4. 4.
    Mancebo J, Fernandez R, Blanch L, Rialp G, Gordo F, Ferrer M, Rodriguez F, Garro P, Ricart P, Vallverdu I, Gich I, Castano J, Saura P, Dominguez G, Bonet A, Albert RK (2006) A multicenter trial of prolonged prone ventilation in severe acute respiratory distress syndrome. Am J Respir Crit Care Med 173:1233–1239PubMedCrossRefGoogle Scholar
  5. 5.
    Richard JC, Maggiore SM, Mancebo J, Lemaire F, Jonson B, Brochard L (2006) Effects of vertical positioning on gas exchange and lung volumes in acute respiratory distress syndrome. Intensive Care Med 32:1623–1626PubMedCrossRefGoogle Scholar
  6. 6.
    Malbouisson LM, Busch CJ, Puybasset L, Lu Q, Cluzel P, Rouby JJ (2000) Role of the heart in the loss of aeration characterizing lower lobes in acute respiratory distress syndrome. CT scan ARDS study group. Am J Respir Crit Care Med 161:2005–2012CrossRefGoogle Scholar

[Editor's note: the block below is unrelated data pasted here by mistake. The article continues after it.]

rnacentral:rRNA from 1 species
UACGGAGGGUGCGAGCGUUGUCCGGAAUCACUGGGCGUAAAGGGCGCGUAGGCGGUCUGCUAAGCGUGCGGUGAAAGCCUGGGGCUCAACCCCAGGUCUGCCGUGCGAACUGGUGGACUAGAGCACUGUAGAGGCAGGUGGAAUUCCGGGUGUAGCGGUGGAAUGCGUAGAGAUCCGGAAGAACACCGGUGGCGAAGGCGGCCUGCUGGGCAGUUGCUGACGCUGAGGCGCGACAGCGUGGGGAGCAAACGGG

7. 7.
    Malbouisson LM, Muller JC, Constantin JM, Lu Q, Puybasset L, Rouby JJ (2001) Computed tomography assessment of positive end-expiratory pressure-induced alveolar recruitment in patients with acute respiratory distress syndrome. Am J Respir Crit Care Med 163:1444–1450PubMedCrossRefGoogle Scholar
  8. 8.
    Rouby JJ, Constantin JM, De Roberto A, Girardi C, Zhang M, Lu Q (2004) Mechanical ventilation in patients with acute respiratory distress syndrome. Anesthesiology 101:228–234PubMedCrossRefGoogle Scholar
  9. 9.
    Girou E, Buu-Hoi A, Stephan F, Novara A, Gutmann L, Safar M, Fagon JY (2004) Airway colonisation in long-term mechanically ventilated patients. Effect of semi-recumbent position and continuous subglottic suctioning. Intensive Care Med 30:225–233PubMedCrossRefGoogle Scholar
  10. 10.
    Orozco-Levi M, Torres A, Ferrer M, Piera C, el-Ebiary M, de la Bellacasa JP, Rodriguez-Roisin R (1995) Semirecumbent position protects from pulmonary aspiration but not completely from gastroesophageal reflux in mechanically ventilated patients. Am J Respir Crit Care Med 152:1387–1390PubMedCrossRefGoogle Scholar